One often overlooked element concerning participation and student motivation is the individual student. What do you know about their likes and dislikes, hobbies and interests, families and backgrounds?
While it can seem daunting to dig into these details for 20 or even 30 students at a time, this time investment in their personalities can pay dividends in results.
For example, if Aiden is a baseball fanatic and you mention his favorite team in your lesson, he will immediately be more engaged. If you can incorporate Sadie’s success at her recent swim meet into a math lesson about timing, you will most certainly grab her attention (as well as those around her).
Students who feel respected and liked by their teachers are far more likely to participate and stay engaged, and sometimes it is as simple as remembering one thing they really love, be it a hobby, a singer, or a sports team.
4. If You Don’t Care, Why Should They?
Engagement in the classroom works both ways, and students can sense when teachers are uninterested in the topic. Your own engagement is crucial to capturing student engagement. Show the students why the subject matters with your passion and enthusiasm.
Whenever possible, an anecdote or personal story related to your instruction helps the students see why it matters to you and, ultimately, why it should matter to them. You might talk about how quick math helped you in a pinch at your first summer job as a retail clerk or how a novel grabbed your attention and kept you up past your bedtime as you could not put it down.
5. Change it Up to Keep Them Interested
Variety is the spice of life and certainly the spice of the classroom and the overall learning experience! If things become too predictable, student engagement may be difficult to maintain. But keeping them on their toes will keep them engaged in learning the subject matter.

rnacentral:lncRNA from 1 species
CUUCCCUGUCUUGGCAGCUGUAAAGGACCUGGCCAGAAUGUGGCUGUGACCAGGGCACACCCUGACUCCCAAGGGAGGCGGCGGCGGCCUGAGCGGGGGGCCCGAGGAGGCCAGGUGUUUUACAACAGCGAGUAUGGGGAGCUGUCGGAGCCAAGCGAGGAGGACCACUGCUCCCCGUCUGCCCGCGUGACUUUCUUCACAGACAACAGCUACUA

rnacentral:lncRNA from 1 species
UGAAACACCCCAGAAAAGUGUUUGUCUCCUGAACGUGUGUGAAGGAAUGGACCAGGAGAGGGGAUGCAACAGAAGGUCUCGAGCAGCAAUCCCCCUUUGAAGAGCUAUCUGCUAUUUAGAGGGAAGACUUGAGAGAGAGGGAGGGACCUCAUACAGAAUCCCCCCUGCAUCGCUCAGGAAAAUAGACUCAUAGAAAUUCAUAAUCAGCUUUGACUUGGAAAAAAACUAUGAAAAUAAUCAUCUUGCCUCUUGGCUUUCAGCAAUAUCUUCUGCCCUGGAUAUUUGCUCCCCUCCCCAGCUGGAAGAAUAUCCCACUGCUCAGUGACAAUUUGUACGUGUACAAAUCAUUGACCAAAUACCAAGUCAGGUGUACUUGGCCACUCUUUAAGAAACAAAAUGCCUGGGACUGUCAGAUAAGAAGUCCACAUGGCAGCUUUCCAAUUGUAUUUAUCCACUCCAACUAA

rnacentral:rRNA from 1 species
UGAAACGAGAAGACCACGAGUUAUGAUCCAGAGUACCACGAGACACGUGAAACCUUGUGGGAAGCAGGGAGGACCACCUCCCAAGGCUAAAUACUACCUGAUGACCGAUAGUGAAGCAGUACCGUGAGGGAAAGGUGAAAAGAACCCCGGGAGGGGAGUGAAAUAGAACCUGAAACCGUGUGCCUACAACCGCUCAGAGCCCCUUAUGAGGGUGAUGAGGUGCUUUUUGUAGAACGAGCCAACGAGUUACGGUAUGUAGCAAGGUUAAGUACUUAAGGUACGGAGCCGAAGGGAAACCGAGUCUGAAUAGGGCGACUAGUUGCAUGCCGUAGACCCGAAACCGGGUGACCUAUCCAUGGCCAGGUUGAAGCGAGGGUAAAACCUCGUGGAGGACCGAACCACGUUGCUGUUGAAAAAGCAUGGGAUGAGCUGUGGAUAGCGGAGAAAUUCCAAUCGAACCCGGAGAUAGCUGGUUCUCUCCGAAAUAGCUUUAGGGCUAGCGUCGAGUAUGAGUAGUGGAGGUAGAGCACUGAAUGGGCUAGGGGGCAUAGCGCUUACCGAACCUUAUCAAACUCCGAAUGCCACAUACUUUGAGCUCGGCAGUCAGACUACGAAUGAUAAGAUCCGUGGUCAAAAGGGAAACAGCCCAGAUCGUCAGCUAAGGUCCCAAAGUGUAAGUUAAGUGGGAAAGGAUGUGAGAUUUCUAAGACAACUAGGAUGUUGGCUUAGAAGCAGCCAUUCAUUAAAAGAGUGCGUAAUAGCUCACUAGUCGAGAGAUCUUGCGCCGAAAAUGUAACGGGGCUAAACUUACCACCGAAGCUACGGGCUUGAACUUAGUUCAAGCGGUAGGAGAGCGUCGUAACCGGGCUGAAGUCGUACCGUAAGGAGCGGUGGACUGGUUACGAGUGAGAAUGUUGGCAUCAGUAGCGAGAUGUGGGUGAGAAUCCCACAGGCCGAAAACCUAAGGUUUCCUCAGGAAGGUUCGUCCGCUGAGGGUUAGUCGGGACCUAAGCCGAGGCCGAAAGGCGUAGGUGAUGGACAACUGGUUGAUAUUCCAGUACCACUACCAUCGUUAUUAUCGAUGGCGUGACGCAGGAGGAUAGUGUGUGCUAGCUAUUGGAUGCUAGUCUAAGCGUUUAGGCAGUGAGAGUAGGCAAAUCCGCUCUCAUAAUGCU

While some sense of structure and order is important for learners, you should also ensure the lessons are diverse in style and content. Have the students act out a historic event rather than just reading about it from a text; ask students to make a short video presentation to share with the class or have them relate the subject matter to their own lives. Variety in their day-to-day tasks will help them to stay engaged in the classroom space.
6. Let Them Teach Each Other
Give the students a chance to break into small groups and engage with each other; sometimes, the students who are less inclined to participate in larger classroom discussions will truly shine in smaller group settings. Focus on mixing groups often so that students will learn in diverse settings, with peers whose backgrounds may differ from their own.
7. Celebrate Achievements
Finally, take every opportunity to celebrate achievements and progress to increase engagement and participation. This could mean celebrating as a class when everyone improves their weekly score on the pop quiz or making time to cheer for an individual student who has accomplished a goal, whether placing first in the county track meet or winning a poetry contest.
By celebrating achievements large and small, you reinforce to the students your interest in their successes both in and out of the classroom. Students who feel valued in this way are far more likely to participate and thrive in a highly engaged classroom.